Movie review: Driver for Vera (2004) Ukraine
Learning about Russia and Ukraine is made easier by watching movies made there. With English subtitles not only do you have the ease of following the plot, but you truly get a sense of each personality played by the characters. Not to mention the fun of listening to common words and expressions by Russian speakers.
Those of us who travel so freely to Sevastopol or anywhere in Crimea today often don’t realize that in those days that Sevastopol was a “secret” and closed city to which even Soviet citizens needed KGB vetting and special permits to visit.
The use of Western rock and roll as a form of cultural rebellion becomes evident fairly quickly in the film, provided that you understand that such was often banned during periods of Soviet rule, depending on which dictator was in power at the time.
In the story General Serov hires Viktor, a cadet from the Kremlin Guard to work as his private chauffeur. Viktor chauffeurs the General’s disabled daughter Vera. Viktor is oblivious to the hidden agenda of the KGB agent Saveliev, who manipulates everyone behind the scenes.
Some cultural observations:
If you didn’t know that there was a long running rivalry between the Army and KGB, it is certainly evident in this movie. The presence of a “political officer” (KGB) at the side of every ranking Army official made it risky to give orders to units, etc. Although a commander might outrank his KGB sidekick, often the KGB officer called the shots which was fine if all went well, but any failure fell on the shoulders of the Army commander no matter who gave the original order.
In one scene young Viktor pulls his car (I want that car!!!) out of it’s garage to be washed and shined. The camera focuses for a moment on the logo of the model found on the hubcaps. That’s a great moment to study the large differences between Russian Cyrillic in print or in cursive. As often the case, this one is a mixture of the two, making it confusing for those who learn only printed letters to understand. That is exactly why I harp on learning cursive Russian at the same time, because it is so different. Just in case you’re wondering, the logo reveals that the car is a ZIM.
The prominence of abortion as the most common form of birth control is also an important part of the story. Soviet condoms were notoriously unreliable and whether true or not, rumours that the CIA had produced hundreds of tiny holes in Western brand condoms headed for the Soviet states (and the difficulty in obtaining western condoms in the first place) made birth control difficult at best.
Nikita Khrushchev was in power and it was a time known in the Soviet Union as “the thaw” when Khrushchev as undoing the terror of the Stalin decades. Khrushchev was no angel himself, but he took a better course after Stalin. The thaw for Soviet citizens would end when the boring and unimaginative Leonid Brezhnev managed to topple Khrushchev in 1964.
Hats off to the camera and production techs for their photography. With YouTube one may not appreciate fully the use of the scenes of the Crimea countryside and the Black Sea, but on a big screen this movie comes to life!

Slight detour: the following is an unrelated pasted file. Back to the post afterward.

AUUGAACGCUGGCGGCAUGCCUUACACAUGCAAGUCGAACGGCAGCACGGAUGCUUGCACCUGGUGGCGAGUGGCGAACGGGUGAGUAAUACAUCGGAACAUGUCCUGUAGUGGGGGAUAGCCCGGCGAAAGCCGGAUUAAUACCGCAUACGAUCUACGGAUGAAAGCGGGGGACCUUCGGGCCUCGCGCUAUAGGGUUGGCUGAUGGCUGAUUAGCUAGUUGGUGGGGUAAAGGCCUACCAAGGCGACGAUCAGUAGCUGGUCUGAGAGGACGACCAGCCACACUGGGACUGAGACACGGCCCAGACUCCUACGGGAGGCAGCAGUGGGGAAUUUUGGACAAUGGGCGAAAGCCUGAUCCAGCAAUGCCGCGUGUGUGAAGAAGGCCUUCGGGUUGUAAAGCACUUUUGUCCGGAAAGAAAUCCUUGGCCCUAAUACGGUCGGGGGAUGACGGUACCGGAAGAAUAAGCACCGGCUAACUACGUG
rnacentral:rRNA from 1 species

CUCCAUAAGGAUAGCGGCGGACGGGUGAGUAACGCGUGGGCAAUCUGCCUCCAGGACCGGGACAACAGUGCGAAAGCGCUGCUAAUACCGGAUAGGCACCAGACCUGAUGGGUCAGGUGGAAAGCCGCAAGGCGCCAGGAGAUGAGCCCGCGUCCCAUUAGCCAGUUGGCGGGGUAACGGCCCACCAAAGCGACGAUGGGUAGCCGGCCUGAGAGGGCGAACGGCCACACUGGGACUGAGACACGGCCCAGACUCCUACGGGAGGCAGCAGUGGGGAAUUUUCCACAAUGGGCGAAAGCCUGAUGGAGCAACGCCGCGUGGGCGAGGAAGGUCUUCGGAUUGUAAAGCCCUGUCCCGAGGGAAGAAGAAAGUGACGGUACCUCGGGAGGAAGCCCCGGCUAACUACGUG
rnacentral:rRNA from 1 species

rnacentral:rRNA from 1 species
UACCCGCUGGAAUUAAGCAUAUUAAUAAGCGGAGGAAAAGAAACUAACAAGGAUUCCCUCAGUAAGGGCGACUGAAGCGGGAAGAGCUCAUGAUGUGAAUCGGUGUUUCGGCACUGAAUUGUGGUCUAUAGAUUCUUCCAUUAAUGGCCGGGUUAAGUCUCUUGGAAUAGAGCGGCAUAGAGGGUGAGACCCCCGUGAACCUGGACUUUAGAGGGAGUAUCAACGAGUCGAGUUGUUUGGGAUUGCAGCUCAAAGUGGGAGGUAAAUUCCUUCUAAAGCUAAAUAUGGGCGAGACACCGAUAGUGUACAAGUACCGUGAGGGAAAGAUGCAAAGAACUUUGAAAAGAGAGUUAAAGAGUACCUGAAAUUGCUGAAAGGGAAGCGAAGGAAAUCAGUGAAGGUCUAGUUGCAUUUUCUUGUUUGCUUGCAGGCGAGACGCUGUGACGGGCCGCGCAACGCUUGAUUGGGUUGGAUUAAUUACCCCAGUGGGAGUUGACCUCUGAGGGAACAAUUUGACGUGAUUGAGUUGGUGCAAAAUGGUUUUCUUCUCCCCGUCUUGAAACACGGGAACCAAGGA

The ending is a little unrealistic however, all in all we give it a thumbs up. The movie begins across the street from Moscow State University’s main campus in Sparrow Hills above Moscow. You’ll see several wedding couples in the background as the opening scene is shot from an overlook area from where lots of couples come after the wedding to make photos with the city of Moscow laid out in a panoramic view in the Valley below.
The next scenes are inside the kremlin, with an entry from Red Square’s “Saviour Gate” and then the characters are off to Crimea. With the subtitles, its easy to follow along and practice recognition of Russian language patterns at the same time.
Viewing the film on YouTube is easy. Just click on the first episode and when it ends the next episode (there are 11) is usually loaded next in line.
The entertainment magazine Variety referred to the film as “more off-putting than enthralling” with the opinion that it lacked a main character that a viewer could identify with. That is pure bull crap, pardon my French.
Variety labeled the film as one of poor acting from the cast of characters. Frankly, the characters are much like what the Soviet Union was like in the 1960’s, even the cook in the kitchen. The film was Ukraine’s submission to the 77th Academy Awards for the Academy Award for Best Foreign Language Film, but it was disqualified by the Academy of Motion Picture Arts and Sciences before formal review process having ruled that too much of the film’s production was Russian-based, making the film ineligible as a candidate for Ukraine. What the Academy failed to understand at the time was that this is a very good representation of Ukraine at the time, showing how “things Russian” dominated that region at the time. Frankly speaking, the film was a bullseye on target culturally. There was just no one at the Academy with sufficient intelligence to understand that reality.